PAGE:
Archive for the 'Technical issues' Category

Day 16 Super Bowl Sunday

Wednesday, February 9th, 2011

Day 16:  Sunday, February 6, 2011.

Today I worked on some knitting while watching the Super Bowl with my family. 

This is a baby blanket in the Knit One Below column pattern.  I bought the book Knit One Below soon after it came out, and just fell in love with this column stitch and the possibilities for it.  I started making baby blankets in this stitch, and so far this is my sixth one.  (Three finished, and three in progress.)

This particular blanket uses a cotton/wool sock yarn for the striping columns, and a cotton/acrylic blend for the solid orange columns.  I try to stick to machine-washable yarns when making baby things; I feel it’s not fair to expect parents of an infant or very young child to hand-wash anything.  I know I certainly wasn’t up to hand-washing anything when H was a baby. 

I’ve really enjoyed making these little blankets, and really feel that I’ve only touched the tip of the design iceberg here–there are so many possibilities with this stitch.  As I look at this, I find myself thinking about making one with two different but coordinating self-striping or handpainted yarns.  I have one in progress in which I’m making a checkerboard pattern with blue and orange, and the possibilities for design there are almost endless.

Another interesting idea:  I also bought Knitting Brioche: The Essential Guide to the Brioche Stitch not long after getting fascinated by k1below stitch patterns, and realized that it is essentially a variation on the brioche technique–really just another way to accomplish knitting brioche.  Nancy Marchant has come up with some truly intriguing brioche stitch patterns; it would be interesting to see if they could be accomplished using the k1below stich technique instead of the yo brioche technique.

Teaching kids to knit

Monday, July 3rd, 2006

By popular demand (hi Amy!), I’m going to talk more generally today about teaching kids to knit, a topic with which I have gotten a lot of help, aid, and succor from members of the Boston Area Stitch ‘n Bitch groups.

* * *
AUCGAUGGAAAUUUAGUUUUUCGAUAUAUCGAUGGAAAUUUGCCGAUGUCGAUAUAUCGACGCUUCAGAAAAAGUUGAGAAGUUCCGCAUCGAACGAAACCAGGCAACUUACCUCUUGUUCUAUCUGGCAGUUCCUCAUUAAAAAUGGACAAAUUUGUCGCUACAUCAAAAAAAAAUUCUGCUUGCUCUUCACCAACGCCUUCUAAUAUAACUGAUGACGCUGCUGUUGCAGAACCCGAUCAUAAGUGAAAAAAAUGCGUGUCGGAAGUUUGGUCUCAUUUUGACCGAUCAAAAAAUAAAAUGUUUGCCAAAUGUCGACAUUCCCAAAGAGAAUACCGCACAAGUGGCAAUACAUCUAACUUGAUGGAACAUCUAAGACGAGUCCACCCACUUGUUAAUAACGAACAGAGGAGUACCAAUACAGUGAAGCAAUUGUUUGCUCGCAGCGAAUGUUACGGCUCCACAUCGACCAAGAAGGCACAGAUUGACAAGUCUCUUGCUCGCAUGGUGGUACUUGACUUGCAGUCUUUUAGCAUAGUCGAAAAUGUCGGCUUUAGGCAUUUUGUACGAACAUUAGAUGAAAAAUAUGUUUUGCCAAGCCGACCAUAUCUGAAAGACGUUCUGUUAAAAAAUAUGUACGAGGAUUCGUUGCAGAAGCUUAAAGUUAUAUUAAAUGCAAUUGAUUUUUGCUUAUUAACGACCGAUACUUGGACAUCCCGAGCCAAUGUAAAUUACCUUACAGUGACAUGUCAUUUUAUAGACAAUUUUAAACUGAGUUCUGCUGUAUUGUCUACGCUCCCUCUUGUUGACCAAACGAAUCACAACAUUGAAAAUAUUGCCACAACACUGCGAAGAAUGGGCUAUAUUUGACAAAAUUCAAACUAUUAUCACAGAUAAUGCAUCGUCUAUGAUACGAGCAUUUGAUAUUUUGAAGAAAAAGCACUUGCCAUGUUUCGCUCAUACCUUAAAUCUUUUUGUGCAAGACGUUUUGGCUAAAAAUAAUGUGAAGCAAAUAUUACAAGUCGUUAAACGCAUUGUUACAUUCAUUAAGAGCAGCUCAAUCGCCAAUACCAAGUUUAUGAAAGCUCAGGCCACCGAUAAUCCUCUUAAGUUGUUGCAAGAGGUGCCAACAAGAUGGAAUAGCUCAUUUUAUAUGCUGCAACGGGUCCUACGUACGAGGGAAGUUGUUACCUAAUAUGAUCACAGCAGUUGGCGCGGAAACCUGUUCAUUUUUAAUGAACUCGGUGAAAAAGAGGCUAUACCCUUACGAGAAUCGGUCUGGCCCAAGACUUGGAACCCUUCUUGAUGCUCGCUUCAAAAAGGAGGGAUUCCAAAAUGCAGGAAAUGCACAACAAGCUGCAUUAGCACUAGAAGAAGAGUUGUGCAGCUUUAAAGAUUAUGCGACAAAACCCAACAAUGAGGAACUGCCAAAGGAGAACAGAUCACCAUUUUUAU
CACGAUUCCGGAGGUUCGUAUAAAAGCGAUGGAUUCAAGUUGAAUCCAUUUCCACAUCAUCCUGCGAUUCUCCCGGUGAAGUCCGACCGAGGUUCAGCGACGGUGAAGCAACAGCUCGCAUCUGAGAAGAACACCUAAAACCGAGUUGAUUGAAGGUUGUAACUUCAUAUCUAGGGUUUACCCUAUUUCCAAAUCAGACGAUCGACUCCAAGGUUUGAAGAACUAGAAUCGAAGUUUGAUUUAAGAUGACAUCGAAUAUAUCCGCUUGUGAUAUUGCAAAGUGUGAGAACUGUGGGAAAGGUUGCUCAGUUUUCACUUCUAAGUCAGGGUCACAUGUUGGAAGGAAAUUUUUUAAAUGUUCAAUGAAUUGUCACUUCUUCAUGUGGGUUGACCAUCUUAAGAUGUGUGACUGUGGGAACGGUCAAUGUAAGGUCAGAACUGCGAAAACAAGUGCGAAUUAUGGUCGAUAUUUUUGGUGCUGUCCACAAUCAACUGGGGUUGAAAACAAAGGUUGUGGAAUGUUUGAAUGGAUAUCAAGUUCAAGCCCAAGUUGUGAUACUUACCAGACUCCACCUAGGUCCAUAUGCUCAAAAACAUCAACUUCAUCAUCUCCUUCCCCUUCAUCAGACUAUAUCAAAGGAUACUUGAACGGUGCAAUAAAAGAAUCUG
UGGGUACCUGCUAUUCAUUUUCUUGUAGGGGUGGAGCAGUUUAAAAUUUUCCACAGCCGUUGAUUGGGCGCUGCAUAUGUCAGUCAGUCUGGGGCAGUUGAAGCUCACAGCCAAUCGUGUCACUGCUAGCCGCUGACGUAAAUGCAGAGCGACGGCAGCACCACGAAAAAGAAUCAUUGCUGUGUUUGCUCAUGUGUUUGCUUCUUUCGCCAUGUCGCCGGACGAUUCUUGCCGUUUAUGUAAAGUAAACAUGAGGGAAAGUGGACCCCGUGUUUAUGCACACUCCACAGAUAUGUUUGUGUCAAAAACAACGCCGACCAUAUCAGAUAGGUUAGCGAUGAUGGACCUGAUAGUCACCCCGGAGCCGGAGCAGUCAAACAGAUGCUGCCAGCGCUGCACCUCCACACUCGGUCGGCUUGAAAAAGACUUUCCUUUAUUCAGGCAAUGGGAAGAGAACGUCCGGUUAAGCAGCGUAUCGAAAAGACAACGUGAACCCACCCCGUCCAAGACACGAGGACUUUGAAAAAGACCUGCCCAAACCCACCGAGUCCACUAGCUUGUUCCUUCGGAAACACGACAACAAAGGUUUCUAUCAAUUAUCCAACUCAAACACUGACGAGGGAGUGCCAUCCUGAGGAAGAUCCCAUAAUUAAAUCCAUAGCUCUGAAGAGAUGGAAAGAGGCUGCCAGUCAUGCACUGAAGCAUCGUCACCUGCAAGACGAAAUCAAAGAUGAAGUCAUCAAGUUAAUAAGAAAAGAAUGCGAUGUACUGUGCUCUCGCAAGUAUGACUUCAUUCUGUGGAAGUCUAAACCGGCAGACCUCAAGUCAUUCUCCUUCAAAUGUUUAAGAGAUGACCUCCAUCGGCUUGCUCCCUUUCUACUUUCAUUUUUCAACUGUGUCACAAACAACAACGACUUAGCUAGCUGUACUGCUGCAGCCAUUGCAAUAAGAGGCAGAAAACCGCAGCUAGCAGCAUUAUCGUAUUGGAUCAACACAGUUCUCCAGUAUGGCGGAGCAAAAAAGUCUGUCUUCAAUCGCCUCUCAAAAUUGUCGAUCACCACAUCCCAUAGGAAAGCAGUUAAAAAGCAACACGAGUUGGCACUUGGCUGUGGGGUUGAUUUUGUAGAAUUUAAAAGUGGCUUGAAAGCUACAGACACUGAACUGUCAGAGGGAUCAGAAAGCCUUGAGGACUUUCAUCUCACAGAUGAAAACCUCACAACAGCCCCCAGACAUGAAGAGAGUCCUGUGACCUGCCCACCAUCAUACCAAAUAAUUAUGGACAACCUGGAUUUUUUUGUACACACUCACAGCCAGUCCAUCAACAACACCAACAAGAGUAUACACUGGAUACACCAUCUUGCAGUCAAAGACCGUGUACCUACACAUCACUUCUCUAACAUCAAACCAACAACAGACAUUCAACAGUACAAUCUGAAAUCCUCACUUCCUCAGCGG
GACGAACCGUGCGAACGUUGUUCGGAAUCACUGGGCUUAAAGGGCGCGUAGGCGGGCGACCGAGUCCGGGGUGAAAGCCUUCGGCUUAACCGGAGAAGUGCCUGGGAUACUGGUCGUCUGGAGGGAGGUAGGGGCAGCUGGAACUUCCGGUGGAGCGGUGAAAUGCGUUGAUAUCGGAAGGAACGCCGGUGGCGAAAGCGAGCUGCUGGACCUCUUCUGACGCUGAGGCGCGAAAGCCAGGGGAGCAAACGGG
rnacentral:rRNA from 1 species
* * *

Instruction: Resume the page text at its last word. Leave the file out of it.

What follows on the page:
I really needed the advice, too, because I am neither a parent myself, nor do I work with younger kids, so I tend to have only the vaguest sense about the developmental stages of children. In other words, I’m clueless. I had also had the experience of attempting to teach an adult friend in Berkeley to knit, only to discover that I really no longer had any conscious awareness of how I do what I do when I knit. I had to return to the fundamentals: what are the individual components of a stitch when they are broken down into units of motion? As I successful teacher of things like English grammar and history of science, I also learned very quickly that teaching someone to do something with a strong physical component was a whole other barrel of monkeys, an unfamiliar barrel of monkeys.

Long story short, what started out as a lesson for my friend became a genuine learning experience for me. It was humbling. And useful. And fun.

Teaching a kid to knit has all those same rewards–and isn’t it great, ultimately, to welcome a new knitter to the fold?–but I knew I should probably get some more expert advice. Here’s a compendium of the good advice and helpful tips I got from those more knowledgeable than me:

1. Some five- and six-year-olds can knit, but not all. Kids will be at different developmental points with their hand-eye coordination and small muscle control. Some kids won’t be ready to knit until they are seven or eight. How to gauge their readiness? The advice I got was that the child is probably ready to learn to knit if s/he likes to draw, can form letters reasonably well for his/her age, can tie his/her shoe laces or make a braid, button small buttons etc.

2. The great needle debate: here there was frankly no consensus. While some people suggested US #5, 6, or 7, this met with an unfavorable response elsewhere by those who swore by US #9 or 10. A maverick even threw down the gauntlet when she argued strongly for US #15.